My first year being gluten-free wasn’t all that tough until I hit the holidays. It was, in that moment, that I hated being gluten-free. Though I’m sorry in a sense to admit it, I was and still am at times as I watch relatives enjoy family favorites that are completely off-limits for me. I say this all because I know that you understand how this feels, or else you might not be reading this in the first place. Suffice to say, holidays and being gluten-free can be tricky, but they can go hand-in-hand.
Now I know what you’re thinking – “Jen, your crazy! Holidays make me feel so left out. My family doesn’t totally get why I can eat what they always make, so I just don’t even want to go this year.”
Please understand, I know the sentiment. I come from a traditional Italian family (my grandparents were the first generation on both sides to be born on US soil), so much of what we do is still steeped in customs that great-grandmom or grandpop used to do. Everything is made by hand and there’s so much pride and love poured into the food, but pasta is usually always there. And bread. And whatever else that’s been battered or stuffed. It’s a tough cycle for one person to break out of, let alone an entire family.
Make no mistake, many of my family members have been unbelievably supportive and considerate. They’ve gone out of their way many times to make sure that I was taken care of. One Thanksgiving, my Aunt went out of her way to hunt me down a frozen single-serving of gluten-free lasagna and made GF gravy for the Turkey. I never asked for it and honestly never expected her to do that, but she did and it almost made me cry. To this day, I’ve never forgotten her kindness.
But it hasn’t all been roses. Holidays seem to exacerbate tension and seem to best illustrate the ups and downs of eating differently than everyone else. Others in my family were outright irked by the sheer fact that SOMETHING about our shared family experience had changed without their approval. No one prepares you for the tough experiences which involve near confrontations and showdowns intended to paint you as the ‘bad’ person for messing up the dinner.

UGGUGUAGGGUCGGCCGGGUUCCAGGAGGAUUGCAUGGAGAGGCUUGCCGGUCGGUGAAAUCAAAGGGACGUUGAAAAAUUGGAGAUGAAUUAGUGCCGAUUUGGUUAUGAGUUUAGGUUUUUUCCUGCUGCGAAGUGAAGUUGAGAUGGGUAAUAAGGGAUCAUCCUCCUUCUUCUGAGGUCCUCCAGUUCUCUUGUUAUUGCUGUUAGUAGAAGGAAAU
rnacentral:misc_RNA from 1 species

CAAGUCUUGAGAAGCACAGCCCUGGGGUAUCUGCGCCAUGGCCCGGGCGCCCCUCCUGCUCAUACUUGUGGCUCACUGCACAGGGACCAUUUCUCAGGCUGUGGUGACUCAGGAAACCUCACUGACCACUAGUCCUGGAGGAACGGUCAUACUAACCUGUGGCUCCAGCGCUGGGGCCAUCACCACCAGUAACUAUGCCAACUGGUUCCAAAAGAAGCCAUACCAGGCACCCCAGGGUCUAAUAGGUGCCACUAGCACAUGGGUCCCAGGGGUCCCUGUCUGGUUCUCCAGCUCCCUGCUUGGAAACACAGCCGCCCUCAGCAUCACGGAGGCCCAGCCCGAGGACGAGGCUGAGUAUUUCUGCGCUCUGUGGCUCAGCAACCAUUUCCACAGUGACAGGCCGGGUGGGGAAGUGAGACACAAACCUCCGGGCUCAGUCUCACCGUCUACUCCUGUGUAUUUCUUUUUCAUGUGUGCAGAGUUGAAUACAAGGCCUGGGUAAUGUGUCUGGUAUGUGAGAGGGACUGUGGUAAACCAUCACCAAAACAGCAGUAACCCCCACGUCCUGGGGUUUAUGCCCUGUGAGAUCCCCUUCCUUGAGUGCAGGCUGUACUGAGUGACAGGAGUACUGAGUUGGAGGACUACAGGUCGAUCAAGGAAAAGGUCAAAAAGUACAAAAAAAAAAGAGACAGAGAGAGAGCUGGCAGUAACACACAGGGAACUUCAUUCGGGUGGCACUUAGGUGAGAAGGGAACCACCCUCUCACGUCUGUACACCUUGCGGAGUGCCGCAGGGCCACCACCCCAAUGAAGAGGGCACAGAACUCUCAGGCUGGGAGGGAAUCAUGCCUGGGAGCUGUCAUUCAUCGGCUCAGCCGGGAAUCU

I’ll never forget one Thanksgiving when a relative carefully watched me as I looked over the various dishes laid out and asked what was wrong. After my quick response of being intolerant to gluten, he bluntly told me that I was being picky, not to buy in to any of that nonsense and just eat like everyone else. Though I can’t speak to his intention, I can tell you that I didn’t exactly feel thrilled about my Gluten Free lifestyle in that moment.
Ultimately, I learned that these sort of unpleasant events happen simply because food is SO personal. You can’t always pinpoint who will or won’t be supportive since eating is such a powerful personal and communal part of life. A shared meal is one of the most intimate experiences that bind people together since it makes up a large part of distinct and unique cultural experiences. Thus, being the one to upend the normal flow of family meals can create tension and drama. It can make others feel that you are rejecting the family and your shared heritage solely by rejecting the food.
Below are nine tips I’ve learned that can truly ease many tensions that you’ll most certainly encounter during this time of year, especially if you go to someone else’s home for dinner. Remember, the most you help out the host, the more likely you’ll end up being able to eat a larger percentage of the meal with everyone.
9 Tips to Navigating thru the Holidays Gluten-Free
1) Keep the birds unstuffed (unless you use a GF stuff) when roasting them.
2) Offer to bring naturally gluten-free side dishes that closely mirror what your family is use to.
3) Bring a dessert – 99% of the ones provided will probably have gluten in them.
4) Explain your situation to the host from the perspective of your health being harmed should you consume gluten accidentally.
5) Offer to go over their menu and recipes with them and help them make substitutions.
6) Consider hosting the meal so you don’t have to worry about explaining anything to anyone.
7) Do NOT argue with anyone who feels they need to pick a fight or make a point with you. It’s not worth it.
8) Remember that holidays are about spending time with people you love, so focus on that!
9) Gluten-free can carry a stigma of tasteless food. Don’t announce what’s gluten-free before the meal begins. The people who need to know for health reasons should obviously be ‘in the know’, but everyone else can wait until they are sufficiently stuffed and pleased with the meal to learn that – Oh, by the way! -the meal was gluten-free.
Do you have any pointers to share that have helped you?